Windows Central Verdict
TP-Link offers the first genuinely affordable Wi-Fi 6E router with its tri-band Archer AXE75. Boasting all the conveniences of the modern wireless standard, its six adjustable antennas provide a super-strong signal more than capable of reliably covering a 2-3-bedroom home. There's no link aggregation on offer with the Archer's Gigabit LAN ports, so anyone with a multi-Gig ISP package will need something more upmarket, but most home networks will benefit from this future-proof upgrade.
Affordable Wi-Fi 6E
Super-strong wireless signal
Tether app makes for easy setup and management
Some QoS requires a HomeShield subscription
No multi-Gig Ethernet or link aggregation
Fragile antennas expose cables
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Replacement routers can offer more control over your home network than an ISP-provided model, often with more advanced technology and features. That's certainly the aim for the Archer AXE75, the latest Wi-Fi 6E router from famed networking manufacturer TP-Link. Advertising plenty of networking buzzwords, they promise to cover your home in a reliable wireless signal with cutting-edge tech.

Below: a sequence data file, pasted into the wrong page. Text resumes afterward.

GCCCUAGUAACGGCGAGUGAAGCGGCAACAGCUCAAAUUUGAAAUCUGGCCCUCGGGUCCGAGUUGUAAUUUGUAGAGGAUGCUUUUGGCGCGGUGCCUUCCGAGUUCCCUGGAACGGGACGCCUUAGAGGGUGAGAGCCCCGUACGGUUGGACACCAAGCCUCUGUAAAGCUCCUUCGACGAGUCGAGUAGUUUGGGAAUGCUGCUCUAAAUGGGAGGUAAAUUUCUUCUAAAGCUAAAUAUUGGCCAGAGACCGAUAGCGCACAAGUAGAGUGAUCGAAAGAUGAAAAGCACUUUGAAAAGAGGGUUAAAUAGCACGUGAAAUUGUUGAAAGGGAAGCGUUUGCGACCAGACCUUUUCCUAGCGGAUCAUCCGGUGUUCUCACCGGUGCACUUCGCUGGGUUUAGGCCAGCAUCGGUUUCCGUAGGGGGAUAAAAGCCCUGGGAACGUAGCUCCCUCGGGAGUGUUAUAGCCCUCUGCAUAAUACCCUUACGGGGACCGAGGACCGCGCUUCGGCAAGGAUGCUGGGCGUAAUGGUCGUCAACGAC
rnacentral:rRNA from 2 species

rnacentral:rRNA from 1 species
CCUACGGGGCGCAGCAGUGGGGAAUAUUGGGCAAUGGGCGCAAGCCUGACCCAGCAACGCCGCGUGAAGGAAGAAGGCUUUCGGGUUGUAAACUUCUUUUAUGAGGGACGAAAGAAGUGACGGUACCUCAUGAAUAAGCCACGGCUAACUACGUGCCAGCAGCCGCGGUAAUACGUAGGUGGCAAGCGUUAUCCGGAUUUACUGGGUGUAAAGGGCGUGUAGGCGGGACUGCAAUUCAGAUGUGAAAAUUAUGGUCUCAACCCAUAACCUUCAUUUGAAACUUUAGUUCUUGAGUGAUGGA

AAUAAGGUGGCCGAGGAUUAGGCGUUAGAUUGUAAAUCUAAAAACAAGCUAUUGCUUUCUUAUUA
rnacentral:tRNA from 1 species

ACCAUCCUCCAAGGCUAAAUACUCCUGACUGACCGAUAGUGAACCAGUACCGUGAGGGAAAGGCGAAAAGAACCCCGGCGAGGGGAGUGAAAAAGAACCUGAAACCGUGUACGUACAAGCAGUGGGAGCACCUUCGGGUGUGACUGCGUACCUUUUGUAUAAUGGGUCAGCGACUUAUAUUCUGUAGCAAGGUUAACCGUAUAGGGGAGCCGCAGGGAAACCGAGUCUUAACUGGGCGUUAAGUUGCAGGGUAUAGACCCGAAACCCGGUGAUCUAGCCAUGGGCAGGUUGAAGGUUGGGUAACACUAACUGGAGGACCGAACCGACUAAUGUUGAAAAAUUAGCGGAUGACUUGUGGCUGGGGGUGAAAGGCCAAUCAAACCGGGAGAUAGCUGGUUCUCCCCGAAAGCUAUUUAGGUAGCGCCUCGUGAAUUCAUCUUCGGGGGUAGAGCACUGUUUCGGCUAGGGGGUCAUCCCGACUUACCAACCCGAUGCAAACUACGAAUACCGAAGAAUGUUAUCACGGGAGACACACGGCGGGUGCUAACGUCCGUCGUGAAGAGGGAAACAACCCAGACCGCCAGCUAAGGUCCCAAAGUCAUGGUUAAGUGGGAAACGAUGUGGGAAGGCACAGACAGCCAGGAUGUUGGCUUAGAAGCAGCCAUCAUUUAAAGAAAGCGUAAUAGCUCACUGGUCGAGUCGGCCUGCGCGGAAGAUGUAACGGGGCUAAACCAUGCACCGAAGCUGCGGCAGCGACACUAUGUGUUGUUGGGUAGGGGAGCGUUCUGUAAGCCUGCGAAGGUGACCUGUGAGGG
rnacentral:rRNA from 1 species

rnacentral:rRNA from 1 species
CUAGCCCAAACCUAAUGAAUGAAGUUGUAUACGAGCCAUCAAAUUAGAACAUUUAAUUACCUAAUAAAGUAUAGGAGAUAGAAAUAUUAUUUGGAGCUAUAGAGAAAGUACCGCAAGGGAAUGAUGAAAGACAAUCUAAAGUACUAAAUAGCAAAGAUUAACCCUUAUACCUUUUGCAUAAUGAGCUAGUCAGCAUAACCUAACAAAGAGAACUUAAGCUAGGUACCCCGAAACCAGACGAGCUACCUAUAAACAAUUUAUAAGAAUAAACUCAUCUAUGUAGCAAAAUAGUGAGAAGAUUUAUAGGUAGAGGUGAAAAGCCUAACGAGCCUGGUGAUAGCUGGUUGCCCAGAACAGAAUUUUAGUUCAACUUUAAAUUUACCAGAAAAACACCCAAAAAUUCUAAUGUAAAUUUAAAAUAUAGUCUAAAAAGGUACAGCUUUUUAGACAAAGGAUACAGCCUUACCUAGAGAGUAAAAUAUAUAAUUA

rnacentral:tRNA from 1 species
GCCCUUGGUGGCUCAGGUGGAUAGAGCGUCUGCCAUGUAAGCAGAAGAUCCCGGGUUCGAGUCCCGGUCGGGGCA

Whether or not you need this new Wi-Fi standard is up for debate. Many people aren't familiar with the jargon and won't know if this upgrade will make a difference in their homes. I spent a week testing this new offering for our TP-Link Archer AXE75 review to see whether future-proofing for Wi-Fi 6E is worth it.
TP-Link Archer AXE75: Price, availability, and specs
TP-Link sells the Archer AXE5400 (AXE75) tri-band router through third-party retailer Amazon for a $200 MSRP. It comes packaged with a power adapter, RJ45 Ethernet cable, and a quick installation guide.
|Standard||Tri-band Wi-Fi 6E|
|Capacity||6 streams, OFMDA, DFS, beamforming|
|Max speed||6GHz: 2,402Mb/s, 5GHz: 2,402Mb/s, 2.4GHz: 574Mb/s|
|Antennas||6x adjustable, external|
|Ports||1x Gigabit WAN, 4x Gigabit LAN, 1x USB-A 3.0|
|Dimensions||272.5mm × 147.2mm × 49.2mm|
TP-Link Archer AXE75: What's good
My first impressions of the Archer AXE75 were fantastic, thanks to the beautiful design it shares with other models in its range like the AX75 (tri-band Wi-Fi 6) and the AX73 (dual-band Wi-Fi 6.) Too many Wi-Fi routers look like bizarre sci-fi spaceships or blank plastic slabs, which isn't the case here. The art deco pattern along the top side of the AXE75 pairs with a slick gloss panel emblazoned with the company logo, and each icon along the front is clearly defined.